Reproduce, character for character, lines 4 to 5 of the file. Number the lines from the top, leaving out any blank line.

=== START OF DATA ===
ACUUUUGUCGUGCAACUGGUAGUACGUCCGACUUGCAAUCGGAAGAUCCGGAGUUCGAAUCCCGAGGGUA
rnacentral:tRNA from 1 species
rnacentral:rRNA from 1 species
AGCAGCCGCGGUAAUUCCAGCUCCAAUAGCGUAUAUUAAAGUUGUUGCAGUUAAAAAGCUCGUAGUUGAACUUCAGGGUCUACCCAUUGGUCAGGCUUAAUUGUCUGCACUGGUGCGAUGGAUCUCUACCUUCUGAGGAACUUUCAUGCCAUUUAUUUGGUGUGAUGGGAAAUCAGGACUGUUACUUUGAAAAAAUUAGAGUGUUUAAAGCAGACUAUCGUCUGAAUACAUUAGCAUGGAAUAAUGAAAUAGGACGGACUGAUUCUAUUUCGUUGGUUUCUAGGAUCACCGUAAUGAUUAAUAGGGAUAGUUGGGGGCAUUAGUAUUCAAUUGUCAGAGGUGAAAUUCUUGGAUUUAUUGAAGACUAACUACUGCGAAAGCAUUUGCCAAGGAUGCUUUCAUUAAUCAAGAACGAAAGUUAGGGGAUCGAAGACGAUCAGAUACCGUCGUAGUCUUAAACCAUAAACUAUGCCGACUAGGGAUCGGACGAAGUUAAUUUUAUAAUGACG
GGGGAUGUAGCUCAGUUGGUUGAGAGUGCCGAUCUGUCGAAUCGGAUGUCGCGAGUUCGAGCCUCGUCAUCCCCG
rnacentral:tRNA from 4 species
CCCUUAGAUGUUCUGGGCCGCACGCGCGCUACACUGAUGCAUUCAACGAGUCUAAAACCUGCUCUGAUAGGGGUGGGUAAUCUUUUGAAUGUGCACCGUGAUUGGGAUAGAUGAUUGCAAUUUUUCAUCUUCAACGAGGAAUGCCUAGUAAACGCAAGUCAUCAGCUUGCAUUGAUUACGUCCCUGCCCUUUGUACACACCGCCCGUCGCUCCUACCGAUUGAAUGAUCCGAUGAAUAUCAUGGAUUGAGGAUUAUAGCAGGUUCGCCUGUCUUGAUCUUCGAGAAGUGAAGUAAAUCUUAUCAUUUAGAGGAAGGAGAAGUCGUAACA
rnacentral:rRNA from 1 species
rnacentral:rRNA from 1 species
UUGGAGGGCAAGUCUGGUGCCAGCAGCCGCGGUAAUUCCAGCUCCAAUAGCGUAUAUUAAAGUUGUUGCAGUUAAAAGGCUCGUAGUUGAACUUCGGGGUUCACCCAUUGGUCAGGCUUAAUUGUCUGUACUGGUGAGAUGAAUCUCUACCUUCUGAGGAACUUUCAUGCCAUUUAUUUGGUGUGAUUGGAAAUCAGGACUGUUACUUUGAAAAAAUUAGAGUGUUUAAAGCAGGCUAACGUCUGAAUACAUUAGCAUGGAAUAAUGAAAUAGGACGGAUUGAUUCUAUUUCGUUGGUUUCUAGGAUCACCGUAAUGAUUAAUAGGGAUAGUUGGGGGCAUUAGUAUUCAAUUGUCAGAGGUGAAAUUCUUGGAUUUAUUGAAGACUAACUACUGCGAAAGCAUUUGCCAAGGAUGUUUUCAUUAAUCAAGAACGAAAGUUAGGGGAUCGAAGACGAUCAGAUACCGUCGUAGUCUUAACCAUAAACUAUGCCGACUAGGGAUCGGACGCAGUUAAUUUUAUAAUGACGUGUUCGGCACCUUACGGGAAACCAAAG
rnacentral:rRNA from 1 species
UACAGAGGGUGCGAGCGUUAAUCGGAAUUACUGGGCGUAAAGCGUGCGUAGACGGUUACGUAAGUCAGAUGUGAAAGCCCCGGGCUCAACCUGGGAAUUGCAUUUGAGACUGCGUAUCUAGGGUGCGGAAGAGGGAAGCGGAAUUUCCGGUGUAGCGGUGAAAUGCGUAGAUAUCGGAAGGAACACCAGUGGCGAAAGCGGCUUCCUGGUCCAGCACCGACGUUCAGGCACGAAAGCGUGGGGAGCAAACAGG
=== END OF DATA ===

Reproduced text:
AGCAGCCGCGGUAAUUCCAGCUCCAAUAGCGUAUAUUAAAGUUGUUGCAGUUAAAAAGCUCGUAGUUGAACUUCAGGGUCUACCCAUUGGUCAGGCUUAAUUGUCUGCACUGGUGCGAUGGAUCUCUACCUUCUGAGGAACUUUCAUGCCAUUUAUUUGGUGUGAUGGGAAAUCAGGACUGUUACUUUGAAAAAAUUAGAGUGUUUAAAGCAGACUAUCGUCUGAAUACAUUAGCAUGGAAUAAUGAAAUAGGACGGACUGAUUCUAUUUCGUUGGUUUCUAGGAUCACCGUAAUGAUUAAUAGGGAUAGUUGGGGGCAUUAGUAUUCAAUUGUCAGAGGUGAAAUUCUUGGAUUUAUUGAAGACUAACUACUGCGAAAGCAUUUGCCAAGGAUGCUUUCAUUAAUCAAGAACGAAAGUUAGGGGAUCGAAGACGAUCAGAUACCGUCGUAGUCUUAAACCAUAAACUAUGCCGACUAGGGAUCGGACGAAGUUAAUUUUAUAAUGACG
GGGGAUGUAGCUCAGUUGGUUGAGAGUGCCGAUCUGUCGAAUCGGAUGUCGCGAGUUCGAGCCUCGUCAUCCCCG